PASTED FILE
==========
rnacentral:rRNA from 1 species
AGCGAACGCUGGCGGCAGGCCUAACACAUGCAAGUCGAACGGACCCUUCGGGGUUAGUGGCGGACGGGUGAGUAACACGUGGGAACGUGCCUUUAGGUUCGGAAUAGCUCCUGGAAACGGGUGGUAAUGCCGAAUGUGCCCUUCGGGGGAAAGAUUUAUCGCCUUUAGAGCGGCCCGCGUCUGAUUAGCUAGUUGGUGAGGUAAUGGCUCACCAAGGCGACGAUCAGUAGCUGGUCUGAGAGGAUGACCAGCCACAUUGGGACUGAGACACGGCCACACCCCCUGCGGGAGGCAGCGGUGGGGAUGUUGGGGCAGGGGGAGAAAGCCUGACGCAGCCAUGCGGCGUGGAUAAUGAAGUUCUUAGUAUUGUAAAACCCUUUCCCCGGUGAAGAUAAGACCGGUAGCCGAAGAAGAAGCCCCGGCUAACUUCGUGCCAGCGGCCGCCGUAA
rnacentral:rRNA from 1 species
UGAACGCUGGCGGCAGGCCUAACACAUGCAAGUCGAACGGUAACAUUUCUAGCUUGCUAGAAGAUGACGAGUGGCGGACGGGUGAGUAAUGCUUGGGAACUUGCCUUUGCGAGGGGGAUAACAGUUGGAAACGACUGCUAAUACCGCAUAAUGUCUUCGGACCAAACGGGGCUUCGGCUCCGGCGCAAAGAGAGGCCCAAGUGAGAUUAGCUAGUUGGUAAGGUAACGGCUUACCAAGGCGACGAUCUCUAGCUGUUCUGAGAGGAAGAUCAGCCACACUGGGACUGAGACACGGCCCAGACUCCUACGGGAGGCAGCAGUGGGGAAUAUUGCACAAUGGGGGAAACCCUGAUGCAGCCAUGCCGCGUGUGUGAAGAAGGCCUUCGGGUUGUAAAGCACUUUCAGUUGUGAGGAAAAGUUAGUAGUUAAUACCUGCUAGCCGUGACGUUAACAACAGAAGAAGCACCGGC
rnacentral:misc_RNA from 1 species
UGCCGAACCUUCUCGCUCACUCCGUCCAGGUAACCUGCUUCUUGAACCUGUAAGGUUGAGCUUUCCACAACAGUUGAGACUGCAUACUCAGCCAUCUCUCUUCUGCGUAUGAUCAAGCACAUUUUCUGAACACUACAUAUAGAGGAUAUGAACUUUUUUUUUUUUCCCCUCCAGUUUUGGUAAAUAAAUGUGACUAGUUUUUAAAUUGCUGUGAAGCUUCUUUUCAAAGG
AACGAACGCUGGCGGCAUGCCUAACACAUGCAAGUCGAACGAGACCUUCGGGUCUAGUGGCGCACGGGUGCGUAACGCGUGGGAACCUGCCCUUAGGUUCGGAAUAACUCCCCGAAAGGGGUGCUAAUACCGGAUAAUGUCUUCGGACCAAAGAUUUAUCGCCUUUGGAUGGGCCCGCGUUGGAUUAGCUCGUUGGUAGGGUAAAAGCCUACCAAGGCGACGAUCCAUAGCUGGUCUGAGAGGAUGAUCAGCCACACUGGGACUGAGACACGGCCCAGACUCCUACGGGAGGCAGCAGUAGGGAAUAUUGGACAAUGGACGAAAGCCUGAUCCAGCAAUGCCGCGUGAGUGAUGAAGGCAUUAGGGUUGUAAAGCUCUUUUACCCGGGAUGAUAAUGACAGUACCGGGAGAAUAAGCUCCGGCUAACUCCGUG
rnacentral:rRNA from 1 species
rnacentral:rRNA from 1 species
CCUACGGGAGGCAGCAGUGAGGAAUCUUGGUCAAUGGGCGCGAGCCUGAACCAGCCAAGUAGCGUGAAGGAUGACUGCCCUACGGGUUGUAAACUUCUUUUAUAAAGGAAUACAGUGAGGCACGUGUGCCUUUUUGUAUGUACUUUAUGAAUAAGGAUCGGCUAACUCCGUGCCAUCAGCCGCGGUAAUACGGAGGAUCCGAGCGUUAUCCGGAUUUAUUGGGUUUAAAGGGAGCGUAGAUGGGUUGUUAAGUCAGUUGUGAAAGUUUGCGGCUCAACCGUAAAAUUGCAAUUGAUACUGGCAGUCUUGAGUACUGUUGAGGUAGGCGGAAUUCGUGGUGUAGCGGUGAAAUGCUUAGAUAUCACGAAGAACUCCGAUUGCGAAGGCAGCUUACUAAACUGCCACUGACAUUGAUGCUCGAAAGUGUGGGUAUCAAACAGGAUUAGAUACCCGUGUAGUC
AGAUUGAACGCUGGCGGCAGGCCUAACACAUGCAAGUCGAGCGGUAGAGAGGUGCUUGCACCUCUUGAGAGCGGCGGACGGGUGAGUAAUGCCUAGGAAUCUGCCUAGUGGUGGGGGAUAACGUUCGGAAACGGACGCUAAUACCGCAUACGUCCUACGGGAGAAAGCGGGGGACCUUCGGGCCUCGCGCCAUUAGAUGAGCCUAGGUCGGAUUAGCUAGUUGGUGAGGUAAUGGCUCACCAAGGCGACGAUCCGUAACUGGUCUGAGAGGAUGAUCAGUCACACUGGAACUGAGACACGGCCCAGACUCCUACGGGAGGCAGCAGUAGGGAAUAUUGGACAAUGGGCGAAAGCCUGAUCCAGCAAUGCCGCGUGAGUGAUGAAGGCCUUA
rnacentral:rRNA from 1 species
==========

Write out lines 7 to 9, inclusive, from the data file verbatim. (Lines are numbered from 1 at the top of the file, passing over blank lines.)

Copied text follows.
AACGAACGCUGGCGGCAUGCCUAACACAUGCAAGUCGAACGAGACCUUCGGGUCUAGUGGCGCACGGGUGCGUAACGCGUGGGAACCUGCCCUUAGGUUCGGAAUAACUCCCCGAAAGGGGUGCUAAUACCGGAUAAUGUCUUCGGACCAAAGAUUUAUCGCCUUUGGAUGGGCCCGCGUUGGAUUAGCUCGUUGGUAGGGUAAAAGCCUACCAAGGCGACGAUCCAUAGCUGGUCUGAGAGGAUGAUCAGCCACACUGGGACUGAGACACGGCCCAGACUCCUACGGGAGGCAGCAGUAGGGAAUAUUGGACAAUGGACGAAAGCCUGAUCCAGCAAUGCCGCGUGAGUGAUGAAGGCAUUAGGGUUGUAAAGCUCUUUUACCCGGGAUGAUAAUGACAGUACCGGGAGAAUAAGCUCCGGCUAACUCCGUG
rnacentral:rRNA from 1 species
rnacentral:rRNA from 1 species